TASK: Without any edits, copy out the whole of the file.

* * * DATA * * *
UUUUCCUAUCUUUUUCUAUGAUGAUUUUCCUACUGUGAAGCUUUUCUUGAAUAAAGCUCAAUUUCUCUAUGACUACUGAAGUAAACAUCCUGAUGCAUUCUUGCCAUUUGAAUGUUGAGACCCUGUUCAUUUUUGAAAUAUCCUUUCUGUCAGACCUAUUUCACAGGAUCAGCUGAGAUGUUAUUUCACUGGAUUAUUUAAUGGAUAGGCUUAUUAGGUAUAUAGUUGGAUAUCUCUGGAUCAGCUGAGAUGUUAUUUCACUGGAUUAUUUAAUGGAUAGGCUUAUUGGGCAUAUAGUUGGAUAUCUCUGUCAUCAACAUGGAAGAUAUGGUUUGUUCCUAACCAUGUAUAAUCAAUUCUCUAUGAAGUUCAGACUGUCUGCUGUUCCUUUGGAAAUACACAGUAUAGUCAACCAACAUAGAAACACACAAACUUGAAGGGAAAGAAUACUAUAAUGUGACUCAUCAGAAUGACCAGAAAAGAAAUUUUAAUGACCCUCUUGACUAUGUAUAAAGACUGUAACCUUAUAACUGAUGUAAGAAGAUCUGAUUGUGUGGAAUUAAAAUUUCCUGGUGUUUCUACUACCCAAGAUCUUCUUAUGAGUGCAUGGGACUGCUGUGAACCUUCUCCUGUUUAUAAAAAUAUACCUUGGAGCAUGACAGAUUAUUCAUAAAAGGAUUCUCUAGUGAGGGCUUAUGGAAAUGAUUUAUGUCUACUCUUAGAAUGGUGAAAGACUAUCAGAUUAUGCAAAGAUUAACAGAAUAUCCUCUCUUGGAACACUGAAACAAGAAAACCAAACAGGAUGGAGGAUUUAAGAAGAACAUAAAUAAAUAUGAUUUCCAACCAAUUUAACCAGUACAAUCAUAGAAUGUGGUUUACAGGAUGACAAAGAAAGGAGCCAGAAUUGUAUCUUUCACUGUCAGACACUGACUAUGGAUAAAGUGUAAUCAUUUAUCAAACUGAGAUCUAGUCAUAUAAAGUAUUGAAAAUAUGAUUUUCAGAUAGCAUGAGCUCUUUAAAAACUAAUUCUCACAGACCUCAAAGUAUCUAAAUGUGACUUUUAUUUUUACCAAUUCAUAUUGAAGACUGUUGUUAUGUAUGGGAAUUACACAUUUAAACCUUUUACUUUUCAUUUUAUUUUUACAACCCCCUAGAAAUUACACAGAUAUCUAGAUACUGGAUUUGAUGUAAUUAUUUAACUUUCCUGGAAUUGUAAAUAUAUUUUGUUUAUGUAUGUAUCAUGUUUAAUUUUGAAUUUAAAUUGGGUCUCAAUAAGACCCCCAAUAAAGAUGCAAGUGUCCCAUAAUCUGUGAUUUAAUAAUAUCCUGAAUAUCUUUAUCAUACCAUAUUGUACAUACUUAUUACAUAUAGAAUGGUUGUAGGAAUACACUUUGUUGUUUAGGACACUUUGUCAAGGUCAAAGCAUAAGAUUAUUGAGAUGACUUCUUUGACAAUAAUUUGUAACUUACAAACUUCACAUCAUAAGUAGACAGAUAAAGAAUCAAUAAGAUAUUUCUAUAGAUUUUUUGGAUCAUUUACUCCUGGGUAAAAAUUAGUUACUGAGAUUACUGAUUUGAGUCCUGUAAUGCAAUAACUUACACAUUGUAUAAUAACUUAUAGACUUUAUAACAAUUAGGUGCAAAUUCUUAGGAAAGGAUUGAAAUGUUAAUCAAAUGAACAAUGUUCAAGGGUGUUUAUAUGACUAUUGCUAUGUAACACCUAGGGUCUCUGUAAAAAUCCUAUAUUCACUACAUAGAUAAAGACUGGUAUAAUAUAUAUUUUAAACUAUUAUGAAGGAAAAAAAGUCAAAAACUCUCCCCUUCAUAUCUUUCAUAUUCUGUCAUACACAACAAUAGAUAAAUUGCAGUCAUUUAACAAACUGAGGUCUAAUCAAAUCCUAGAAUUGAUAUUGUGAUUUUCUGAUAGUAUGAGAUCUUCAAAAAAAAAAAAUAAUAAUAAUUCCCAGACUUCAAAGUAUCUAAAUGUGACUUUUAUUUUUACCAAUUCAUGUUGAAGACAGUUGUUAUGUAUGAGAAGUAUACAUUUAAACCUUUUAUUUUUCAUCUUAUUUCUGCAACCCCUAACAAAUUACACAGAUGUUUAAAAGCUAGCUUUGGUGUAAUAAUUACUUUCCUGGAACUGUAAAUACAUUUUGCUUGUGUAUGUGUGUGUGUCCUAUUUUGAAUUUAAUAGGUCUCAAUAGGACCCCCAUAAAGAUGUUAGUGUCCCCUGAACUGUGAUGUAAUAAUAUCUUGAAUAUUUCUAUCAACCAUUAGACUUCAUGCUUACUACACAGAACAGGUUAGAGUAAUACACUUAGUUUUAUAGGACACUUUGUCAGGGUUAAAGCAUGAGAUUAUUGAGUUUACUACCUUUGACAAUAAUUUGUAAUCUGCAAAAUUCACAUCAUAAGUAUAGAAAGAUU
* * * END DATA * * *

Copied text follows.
UUUUCCUAUCUUUUUCUAUGAUGAUUUUCCUACUGUGAAGCUUUUCUUGAAUAAAGCUCAAUUUCUCUAUGACUACUGAAGUAAACAUCCUGAUGCAUUCUUGCCAUUUGAAUGUUGAGACCCUGUUCAUUUUUGAAAUAUCCUUUCUGUCAGACCUAUUUCACAGGAUCAGCUGAGAUGUUAUUUCACUGGAUUAUUUAAUGGAUAGGCUUAUUAGGUAUAUAGUUGGAUAUCUCUGGAUCAGCUGAGAUGUUAUUUCACUGGAUUAUUUAAUGGAUAGGCUUAUUGGGCAUAUAGUUGGAUAUCUCUGUCAUCAACAUGGAAGAUAUGGUUUGUUCCUAACCAUGUAUAAUCAAUUCUCUAUGAAGUUCAGACUGUCUGCUGUUCCUUUGGAAAUACACAGUAUAGUCAACCAACAUAGAAACACACAAACUUGAAGGGAAAGAAUACUAUAAUGUGACUCAUCAGAAUGACCAGAAAAGAAAUUUUAAUGACCCUCUUGACUAUGUAUAAAGACUGUAACCUUAUAACUGAUGUAAGAAGAUCUGAUUGUGUGGAAUUAAAAUUUCCUGGUGUUUCUACUACCCAAGAUCUUCUUAUGAGUGCAUGGGACUGCUGUGAACCUUCUCCUGUUUAUAAAAAUAUACCUUGGAGCAUGACAGAUUAUUCAUAAAAGGAUUCUCUAGUGAGGGCUUAUGGAAAUGAUUUAUGUCUACUCUUAGAAUGGUGAAAGACUAUCAGAUUAUGCAAAGAUUAACAGAAUAUCCUCUCUUGGAACACUGAAACAAGAAAACCAAACAGGAUGGAGGAUUUAAGAAGAACAUAAAUAAAUAUGAUUUCCAACCAAUUUAACCAGUACAAUCAUAGAAUGUGGUUUACAGGAUGACAAAGAAAGGAGCCAGAAUUGUAUCUUUCACUGUCAGACACUGACUAUGGAUAAAGUGUAAUCAUUUAUCAAACUGAGAUCUAGUCAUAUAAAGUAUUGAAAAUAUGAUUUUCAGAUAGCAUGAGCUCUUUAAAAACUAAUUCUCACAGACCUCAAAGUAUCUAAAUGUGACUUUUAUUUUUACCAAUUCAUAUUGAAGACUGUUGUUAUGUAUGGGAAUUACACAUUUAAACCUUUUACUUUUCAUUUUAUUUUUACAACCCCCUAGAAAUUACACAGAUAUCUAGAUACUGGAUUUGAUGUAAUUAUUUAACUUUCCUGGAAUUGUAAAUAUAUUUUGUUUAUGUAUGUAUCAUGUUUAAUUUUGAAUUUAAAUUGGGUCUCAAUAAGACCCCCAAUAAAGAUGCAAGUGUCCCAUAAUCUGUGAUUUAAUAAUAUCCUGAAUAUCUUUAUCAUACCAUAUUGUACAUACUUAUUACAUAUAGAAUGGUUGUAGGAAUACACUUUGUUGUUUAGGACACUUUGUCAAGGUCAAAGCAUAAGAUUAUUGAGAUGACUUCUUUGACAAUAAUUUGUAACUUACAAACUUCACAUCAUAAGUAGACAGAUAAAGAAUCAAUAAGAUAUUUCUAUAGAUUUUUUGGAUCAUUUACUCCUGGGUAAAAAUUAGUUACUGAGAUUACUGAUUUGAGUCCUGUAAUGCAAUAACUUACACAUUGUAUAAUAACUUAUAGACUUUAUAACAAUUAGGUGCAAAUUCUUAGGAAAGGAUUGAAAUGUUAAUCAAAUGAACAAUGUUCAAGGGUGUUUAUAUGACUAUUGCUAUGUAACACCUAGGGUCUCUGUAAAAAUCCUAUAUUCACUACAUAGAUAAAGACUGGUAUAAUAUAUAUUUUAAACUAUUAUGAAGGAAAAAAAGUCAAAAACUCUCCCCUUCAUAUCUUUCAUAUUCUGUCAUACACAACAAUAGAUAAAUUGCAGUCAUUUAACAAACUGAGGUCUAAUCAAAUCCUAGAAUUGAUAUUGUGAUUUUCUGAUAGUAUGAGAUCUUCAAAAAAAAAAAAUAAUAAUAAUUCCCAGACUUCAAAGUAUCUAAAUGUGACUUUUAUUUUUACCAAUUCAUGUUGAAGACAGUUGUUAUGUAUGAGAAGUAUACAUUUAAACCUUUUAUUUUUCAUCUUAUUUCUGCAACCCCUAACAAAUUACACAGAUGUUUAAAAGCUAGCUUUGGUGUAAUAAUUACUUUCCUGGAACUGUAAAUACAUUUUGCUUGUGUAUGUGUGUGUGUCCUAUUUUGAAUUUAAUAGGUCUCAAUAGGACCCCCAUAAAGAUGUUAGUGUCCCCUGAACUGUGAUGUAAUAAUAUCUUGAAUAUUUCUAUCAACCAUUAGACUUCAUGCUUACUACACAGAACAGGUUAGAGUAAUACACUUAGUUUUAUAGGACACUUUGUCAGGGUUAAAGCAUGAGAUUAUUGAGUUUACUACCUUUGACAAUAAUUUGUAAUCUGCAAAAUUCACAUCAUAAGUAUAGAAAGAUU